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In the demonstration the teacher will perform a reaction between water and Alka-Seltzer in order to generate carbon dioxide gas. Students will observe the chemical reaction while timing the release of carbon dioxide and observing 3 states of matter. This will be repeated 3 times, each time increasing the number of tablets used.
This demonstration will help prepare your students to meet the performance expectations in the following standards:
- 5-PS1-4: Conduct an investigation to determine whether the mixing of two or more substances results in new substances.
- Scientific and Engineering Practices:
- Analyzing and Interpreting Data
- Constructing Explanations and Designing Solutions
By the end of this demonstration, students should be able to
- Identify 3 states of matter.
- Explain the meaning of a chemical reaction.
- Collect and organize data.
- Draw conclusions based upon results.
This demonstration supports the students’ understanding of:
- Chemical reactions
- Chemical change
- Reaction Rate
- States of matter
Teacher Preparation: 10 minutes
Lesson: 30 minutes
- Small bottle
- Aquarium tubing
- Small jar
- Stop watch
- 2 tablets Alka-Seltzer
- ½ cup Water
- Food coloring (optional)
- Students should wear proper safety gear during chemistry demonstrations. Safety goggles and lab apron are required.
- Students should wash their hands thoroughly before leaving the lab.
- Do not consume lab solutions, even if they’re otherwise edible products.
- Prior to the demonstration students will have had prior instruction and experience with mixtures and solutions.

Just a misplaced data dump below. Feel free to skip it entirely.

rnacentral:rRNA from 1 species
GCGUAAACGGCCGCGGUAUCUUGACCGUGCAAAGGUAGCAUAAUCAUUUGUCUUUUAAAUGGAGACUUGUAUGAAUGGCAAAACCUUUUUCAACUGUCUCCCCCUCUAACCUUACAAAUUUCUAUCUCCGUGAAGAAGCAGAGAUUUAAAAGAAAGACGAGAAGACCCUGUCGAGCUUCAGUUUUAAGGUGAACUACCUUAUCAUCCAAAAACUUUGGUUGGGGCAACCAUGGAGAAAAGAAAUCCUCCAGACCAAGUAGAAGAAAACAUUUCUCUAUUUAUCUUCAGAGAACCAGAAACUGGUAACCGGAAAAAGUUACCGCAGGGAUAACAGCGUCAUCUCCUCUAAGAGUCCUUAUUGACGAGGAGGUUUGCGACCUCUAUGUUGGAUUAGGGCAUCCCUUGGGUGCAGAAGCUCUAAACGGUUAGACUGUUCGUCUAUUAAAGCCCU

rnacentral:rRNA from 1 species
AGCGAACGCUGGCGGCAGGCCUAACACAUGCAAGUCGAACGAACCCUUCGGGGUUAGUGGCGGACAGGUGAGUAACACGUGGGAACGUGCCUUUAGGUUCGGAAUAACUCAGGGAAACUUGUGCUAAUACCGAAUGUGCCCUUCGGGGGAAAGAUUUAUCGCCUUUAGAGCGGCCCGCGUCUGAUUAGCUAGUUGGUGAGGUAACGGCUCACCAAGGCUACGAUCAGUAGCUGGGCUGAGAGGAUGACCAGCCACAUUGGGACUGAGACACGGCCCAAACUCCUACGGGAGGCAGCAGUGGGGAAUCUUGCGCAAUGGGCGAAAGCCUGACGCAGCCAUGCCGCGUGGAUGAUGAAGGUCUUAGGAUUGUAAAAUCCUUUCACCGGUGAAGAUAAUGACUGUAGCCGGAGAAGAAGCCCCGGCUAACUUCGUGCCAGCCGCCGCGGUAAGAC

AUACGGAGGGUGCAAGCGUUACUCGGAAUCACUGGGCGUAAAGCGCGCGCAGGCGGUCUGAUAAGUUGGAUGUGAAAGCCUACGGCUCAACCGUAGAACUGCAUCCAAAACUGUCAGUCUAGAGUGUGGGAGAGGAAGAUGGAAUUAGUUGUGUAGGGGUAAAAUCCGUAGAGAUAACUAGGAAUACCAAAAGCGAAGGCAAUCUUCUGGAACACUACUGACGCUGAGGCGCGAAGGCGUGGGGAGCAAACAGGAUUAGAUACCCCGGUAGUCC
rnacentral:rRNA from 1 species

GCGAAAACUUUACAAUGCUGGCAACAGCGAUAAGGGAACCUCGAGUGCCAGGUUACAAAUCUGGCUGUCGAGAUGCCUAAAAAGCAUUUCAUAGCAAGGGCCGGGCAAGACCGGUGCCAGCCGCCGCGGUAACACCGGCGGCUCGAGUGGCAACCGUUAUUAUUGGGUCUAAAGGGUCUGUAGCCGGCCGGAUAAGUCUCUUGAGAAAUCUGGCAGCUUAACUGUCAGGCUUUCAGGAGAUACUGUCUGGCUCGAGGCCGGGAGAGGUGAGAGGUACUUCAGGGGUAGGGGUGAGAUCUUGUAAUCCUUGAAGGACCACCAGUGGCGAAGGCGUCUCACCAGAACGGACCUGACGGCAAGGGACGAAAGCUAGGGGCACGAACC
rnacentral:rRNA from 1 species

- Understanding the reaction: Alka-Seltzer contains a dry acid and baking soda. When these substances combine with the water, carbon dioxide gas is formed. The gas travels through the tube to form bubbles in the jar of water. When all of the material has reacted the bubbling will stop.
- As a teacher demonstration, incorporate the help of the students when able. For example, choose one student to use a timer, and inform them of when to start and stop timing (1st sight of air bubbles to the last).
- Another option is to have students conduct this lab in small groups with your direction.
- Students should record data on their student sheet.
- Use of a document camera may assist students to see more closely from a distance.
- Practice quickly securing the clay and tube to the bottle to minimize the amount of gas escaping the bottle.
- Expected results: An increase in tablets increases the amount of carbon dioxide produced resulting in a longer reaction time of producing bubbles.
- Optional: For effect you may use food coloring. I used blue in one container and yellow in the other. As the gas passes through the two colors mixed to form green, shown in the photo below.
- Different angles of the carbon dioxide produced in the tall bottle and passing through the tube into the smaller container where bubbles become visible are shown in the photos below.
- Add water to the small bottle until it is half filled. (it is optional to add food coloring).
- Place clay around the tubing about 2 inches from one end.
- Add water to the jar until it is half filled.
- Place the free end of the tube in the jar of water (it is optional to add food coloring).
- Break 2 Alka-Seltzer tablets and drop them into the small bottle of water.
- Quickly insert the tube and secure the opening with clay.
- Watch the jar of water to see if there is bubbling. Ask students to record observations and the time from the start of bubbling to the end.
- Repeat steps 1-7 increasing the number of tablets used.
For the Student
Changes in states of matter have been observed by the additional and removal of heat. Today, it will be observed how a solid and liquid produce a gas through a chemical reaction.
Time of Bubbling
- What relation was observed between the number of tablets and the amount of time bubbles were produced?
- List possible reasons for the differences in time:
- What does the amount of time of bubbling tell you about how much gas was produced?
- How are the “bubbles” produced in this reaction similar to the bubbles seen in sodas?